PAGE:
Relieve Chronic Pain with These 5 Tricks
Although pain has a purpose and alerts you to a cut, sprain, or strain, when pain persists for 3 months or more despite treatment, it’s classified as chronic pain.
Whether you’re suffering from back pain, joint pain from arthritis, or any other variant of persistent pain, you don’t need to suffer in silence. You should, of course, develop a robust and comprehensive treatment plan with your healthcare provider. What else can you do to fight back, though?
Well, double down on these tricks to combat chronic pain to get started…
5 Best Tips for Fighting Chronic Pain
- Harness the power of deep breathing and meditation
- Benefit from natural endorphins released by exercise
- Try cold and heat therapy for short-term pain relief
- Go out on a limb and try practicing disassociation
- Consider counseling if all else fails
1) Harness the power of deep breathing and meditation
Any negative feelings like stress, anxiety, or anger can exacerbate pain. Conversely, relaxing and meditating can work wonders to wash away tension and tightness from your muscles.
There are many forms of meditation. Most harness the benefits of repetition to help you relax completely. As you focus fully on your breathing, ignore all thoughts that pop into your mind, and repeat a mantra – a word or phrase – your brain will receive signals to relax the body.
If you don’t have the time or the inclination to start meditating, deliberate and focused deep breathing also serves as a useful technique if life is getting on top of you.
Luckily, it couldn’t be much easier. Choose a secluded place, assume any position you find comfortable, then make an effort to block all distracting thoughts. Picture a spot just underneath your navel. Breathe down into that spot. Ensure you pump your abdomen full of air. As the air fills you up, exhale so you deflate like a balloon.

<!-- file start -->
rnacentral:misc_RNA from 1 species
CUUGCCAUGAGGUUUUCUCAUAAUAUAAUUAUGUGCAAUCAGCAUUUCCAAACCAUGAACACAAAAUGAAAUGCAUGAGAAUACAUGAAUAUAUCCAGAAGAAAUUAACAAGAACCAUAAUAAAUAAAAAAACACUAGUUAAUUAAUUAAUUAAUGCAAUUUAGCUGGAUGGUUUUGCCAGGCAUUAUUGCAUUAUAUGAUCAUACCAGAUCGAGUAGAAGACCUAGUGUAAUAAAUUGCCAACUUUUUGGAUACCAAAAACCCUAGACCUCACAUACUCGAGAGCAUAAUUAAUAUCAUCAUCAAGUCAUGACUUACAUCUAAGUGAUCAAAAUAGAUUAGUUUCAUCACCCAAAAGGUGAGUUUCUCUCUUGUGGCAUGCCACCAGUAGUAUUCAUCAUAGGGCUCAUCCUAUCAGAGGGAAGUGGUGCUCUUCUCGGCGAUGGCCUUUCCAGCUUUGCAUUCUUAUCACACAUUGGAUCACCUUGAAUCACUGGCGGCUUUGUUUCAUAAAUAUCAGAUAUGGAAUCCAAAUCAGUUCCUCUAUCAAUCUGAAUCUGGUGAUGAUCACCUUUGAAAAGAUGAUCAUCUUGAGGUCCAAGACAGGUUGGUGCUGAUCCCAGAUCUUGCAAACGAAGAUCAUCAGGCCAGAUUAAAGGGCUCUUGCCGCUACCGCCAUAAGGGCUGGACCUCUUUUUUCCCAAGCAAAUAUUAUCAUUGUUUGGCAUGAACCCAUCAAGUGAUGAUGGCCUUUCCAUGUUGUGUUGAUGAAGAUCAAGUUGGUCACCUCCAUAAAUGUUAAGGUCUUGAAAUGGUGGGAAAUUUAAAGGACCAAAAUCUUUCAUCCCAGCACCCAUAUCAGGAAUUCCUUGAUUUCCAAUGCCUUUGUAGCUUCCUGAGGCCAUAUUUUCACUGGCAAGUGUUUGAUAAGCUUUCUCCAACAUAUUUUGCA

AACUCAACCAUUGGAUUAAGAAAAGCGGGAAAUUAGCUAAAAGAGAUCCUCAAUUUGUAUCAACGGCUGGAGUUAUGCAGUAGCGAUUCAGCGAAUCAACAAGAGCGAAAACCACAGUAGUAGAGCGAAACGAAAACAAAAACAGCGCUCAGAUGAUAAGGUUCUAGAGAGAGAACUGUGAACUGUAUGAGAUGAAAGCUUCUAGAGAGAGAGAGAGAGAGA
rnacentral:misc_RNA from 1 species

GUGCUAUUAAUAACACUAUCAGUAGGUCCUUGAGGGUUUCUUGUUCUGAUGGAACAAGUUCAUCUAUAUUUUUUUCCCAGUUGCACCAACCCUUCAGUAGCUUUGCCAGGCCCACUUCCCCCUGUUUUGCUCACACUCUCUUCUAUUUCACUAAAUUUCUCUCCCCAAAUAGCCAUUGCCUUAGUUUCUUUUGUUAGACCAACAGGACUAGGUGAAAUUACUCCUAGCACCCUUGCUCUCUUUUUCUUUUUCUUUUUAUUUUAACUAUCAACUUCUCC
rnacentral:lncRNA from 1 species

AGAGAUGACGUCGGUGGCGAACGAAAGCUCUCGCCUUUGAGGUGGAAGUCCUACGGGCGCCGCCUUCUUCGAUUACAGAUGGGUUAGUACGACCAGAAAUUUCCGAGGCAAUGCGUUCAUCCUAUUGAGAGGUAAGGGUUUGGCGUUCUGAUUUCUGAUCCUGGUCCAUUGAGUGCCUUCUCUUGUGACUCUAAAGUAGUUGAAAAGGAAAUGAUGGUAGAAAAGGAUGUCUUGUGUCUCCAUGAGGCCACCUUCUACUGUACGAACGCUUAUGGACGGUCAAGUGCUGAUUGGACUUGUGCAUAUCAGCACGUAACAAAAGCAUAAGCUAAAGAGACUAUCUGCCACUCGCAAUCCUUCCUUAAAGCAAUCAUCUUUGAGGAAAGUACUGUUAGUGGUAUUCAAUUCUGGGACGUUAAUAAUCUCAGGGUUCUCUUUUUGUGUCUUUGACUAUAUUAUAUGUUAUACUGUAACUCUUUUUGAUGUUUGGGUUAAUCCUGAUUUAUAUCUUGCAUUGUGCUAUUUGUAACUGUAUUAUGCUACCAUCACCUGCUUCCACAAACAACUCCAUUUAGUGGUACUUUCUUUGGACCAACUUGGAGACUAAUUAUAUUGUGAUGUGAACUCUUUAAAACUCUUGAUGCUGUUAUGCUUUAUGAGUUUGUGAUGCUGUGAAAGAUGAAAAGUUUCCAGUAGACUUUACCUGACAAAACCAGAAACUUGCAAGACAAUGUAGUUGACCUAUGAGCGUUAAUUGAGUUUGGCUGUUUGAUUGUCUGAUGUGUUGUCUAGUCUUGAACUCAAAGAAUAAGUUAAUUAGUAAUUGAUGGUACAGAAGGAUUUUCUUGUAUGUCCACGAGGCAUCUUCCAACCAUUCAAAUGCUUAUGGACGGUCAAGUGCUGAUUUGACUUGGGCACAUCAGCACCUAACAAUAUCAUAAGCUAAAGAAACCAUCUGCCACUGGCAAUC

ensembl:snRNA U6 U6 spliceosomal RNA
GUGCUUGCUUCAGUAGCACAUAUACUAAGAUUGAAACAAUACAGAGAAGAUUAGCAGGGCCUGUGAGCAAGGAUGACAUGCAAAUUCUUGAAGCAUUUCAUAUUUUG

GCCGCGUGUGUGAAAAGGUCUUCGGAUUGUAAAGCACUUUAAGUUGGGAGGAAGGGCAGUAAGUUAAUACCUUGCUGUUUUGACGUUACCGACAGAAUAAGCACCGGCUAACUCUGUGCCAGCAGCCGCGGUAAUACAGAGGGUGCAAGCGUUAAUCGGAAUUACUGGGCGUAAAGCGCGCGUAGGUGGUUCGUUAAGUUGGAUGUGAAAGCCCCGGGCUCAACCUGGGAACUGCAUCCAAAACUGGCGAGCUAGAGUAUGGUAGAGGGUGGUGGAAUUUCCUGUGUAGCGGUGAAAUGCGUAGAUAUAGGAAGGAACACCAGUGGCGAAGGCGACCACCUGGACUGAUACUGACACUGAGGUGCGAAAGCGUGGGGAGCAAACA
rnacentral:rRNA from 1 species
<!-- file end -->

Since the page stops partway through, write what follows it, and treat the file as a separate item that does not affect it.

Any time you experience unbearable chronic pain, make meditation your first line of defense.
2) Benefit from natural endorphins released by exercise
Exercise is great for you in many ways beyond strengthening your muscles, keeping you in shape, and preventing future injuries.
The most notable benefit of exercise for chronic pain sufferers is the endorphins your body releases after exercising. These feel-good chemicals help to boost your mood while also serving to block pain signals.
Now, we’re not suggesting you need to start lifting heavy weights or running a marathon. Instead, speak with your healthcare provider and formulate an exercise plan in line with your age, fitness level, and the nature of your chronic pain.
3) Try cold and heat therapy for short-term pain relief
Cold therapy and heat therapy are classic methods of temporarily relieving any type of pain.
You could use a home-made hot or ice pack. Alternatively, there are many topical pain relievers containing menthol and camphor, classic counterirritants. As your brain detects the artificial cooling or heating sensation on the skin, so you are distracted from the pain signals traveling from the affected body part.
Cold or hot therapy that deeply penetrates the muscle and tissue is the most effective. Speak with your doctor about the most suitable form of treatment for the chronic pain you are experiencing.
4) Go out on a limb and try practicing disassociation
With the technique of dissociation, you attempt to make a mental separation between the affected body part and the rest of your body. Effectively, you try to picture your mind and body as two separate entities.
As an example, you could imagine your arthritic knees sat down on a couch in the corner of the room. In your mind, you tell those knees to stay there and leave you alone.
All we can say about this method is it’s worth a shot. You may feel no benefit, but you have absolutely nothing to lose by trying.
5) Consider counseling if all else fails
If you labor with chronic pain, you’ll be aware how angry, depressed, and snappy it can make you.
Unfortunately, the more this happens, the worse the pain tends to become. What can you do about it, then?
If you’ve never considered speaking with a counselor before, you could easily solicit third-party help from someone who knows exactly what you’re going through.
When chronic pain is affecting your relationships with others, family therapy can also be worthwhile.
We hope today’s quick glimpse at how to combat chronic pain has given you some food for thought.